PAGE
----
Some potential issues have been identified with the current patched version of McAfee, which, among other things, can cause problems with sending mail via Thunderbird.
Here’s the Hotfix (Link at bottom)
Some discussion (McAfee Forum)
Screen shots, software updates and more:
Users of Microsoft Internet Explorer should be aware of a new zero-day exploit dubbed “Operation ‘Aurora'”. This exploit, which has been demonstrated effective in Internet Explorer 6, 7, and 8, allows a remote attacker to gain full control over a target computer.
OIT Software Support recommends that users of Internet Explorer switch to another web browser for the time being. A list of supported browsers can be found here on our website. Follow the link for your operating system.
As always, make sure to update your operating system often. Directions for that process can be found here.
As a general rule of thumb, there are some things that are good to do to keep your computer running its best.
Keeping programs up to date is one of the easiest ways to prevent a Virus or Spyware infection. Windows XP, Vista, and Mac OS X will all prompt you to install updates if you have it configured to do so. It is configured as such by default.
As for updating all the other programs installed, we use a program called Secunia PSI. It scans your computer for all the programs installed that it has in its database. It then checks it against the current versions of those programs and provides you with links to where to download updates. You can download it here. It’s an amazing tool to know what to update.
As a general rule, you should keep your Operating System (XP, Vista, OSX) as well as Java and Adobe Flash Player up to date. Those are the most common ways viruses and spyware can gain access to your computer.
As a rule of thumb, don’t click on links to suspicious websites. In many programs, you can mouse over the link to see the HTTP address. Just remember to air on the side of caution.
Don’t go to suspicious sites. If you’re not sure about the site, try searching Google for it. If a lot of hits come up like “Spyware, removal of spyware, virus related” etc, don’t go to that site. Also, if you had gotten a virus in the past from a questionable website, don’t go to that website again.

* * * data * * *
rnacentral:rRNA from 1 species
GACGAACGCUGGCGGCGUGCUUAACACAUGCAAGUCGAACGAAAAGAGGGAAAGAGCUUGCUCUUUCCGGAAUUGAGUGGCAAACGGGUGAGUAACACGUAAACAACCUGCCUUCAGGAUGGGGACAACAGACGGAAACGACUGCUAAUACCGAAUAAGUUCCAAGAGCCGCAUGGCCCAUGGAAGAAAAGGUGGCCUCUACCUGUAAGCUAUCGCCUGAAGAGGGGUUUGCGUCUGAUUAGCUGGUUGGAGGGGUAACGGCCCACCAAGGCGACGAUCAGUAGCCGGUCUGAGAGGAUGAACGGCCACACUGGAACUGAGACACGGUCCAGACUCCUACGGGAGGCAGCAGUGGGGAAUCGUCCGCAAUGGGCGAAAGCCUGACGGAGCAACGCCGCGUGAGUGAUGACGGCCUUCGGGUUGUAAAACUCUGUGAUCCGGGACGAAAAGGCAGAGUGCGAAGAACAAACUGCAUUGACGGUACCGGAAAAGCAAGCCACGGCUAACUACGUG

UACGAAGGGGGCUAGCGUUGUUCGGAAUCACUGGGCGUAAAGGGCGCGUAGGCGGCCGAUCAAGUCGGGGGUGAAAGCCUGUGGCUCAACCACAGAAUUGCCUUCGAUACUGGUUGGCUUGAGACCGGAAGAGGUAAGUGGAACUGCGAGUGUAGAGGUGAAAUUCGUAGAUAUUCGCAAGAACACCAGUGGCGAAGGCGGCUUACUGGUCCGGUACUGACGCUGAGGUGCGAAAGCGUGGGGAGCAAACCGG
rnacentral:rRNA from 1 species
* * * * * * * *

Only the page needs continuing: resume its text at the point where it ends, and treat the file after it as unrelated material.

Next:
Run an anti-virus program. This should be really easy for people affiliated with UMass. UMass has a site license for McAfee Enterprise Virus Scan. You can get it on the OIT website here. If you have an older version of McAfee Enterprise Virus Scan installed, uninstall it first. It might cause weird errors to occur if installing just over the older version. Also, if you have any other anti-virus programs installed, you should only have one installed. You shouldn’t have more that one anti-virus program installed, as they tend to fight each other and slow everything down. Uninstall all but one anti-virus program.
The last way to protect yourself is to run full scans with your anti-virus and anti-spyware software once per month, whether you think you need it or not. Think of it like an oil change for your car. It cleans out all the sludge that may build up, whether you see it or not. If you have the version of McAfee Enterprise Virus Scan distributed from the OIT site mentioned above, McAfee will update itself every day, and run a full scan in the background once a week. You should also run a full scan once a month with your anti-spyware software of your choice. We use Spybot Search and Destroy, which can be found here.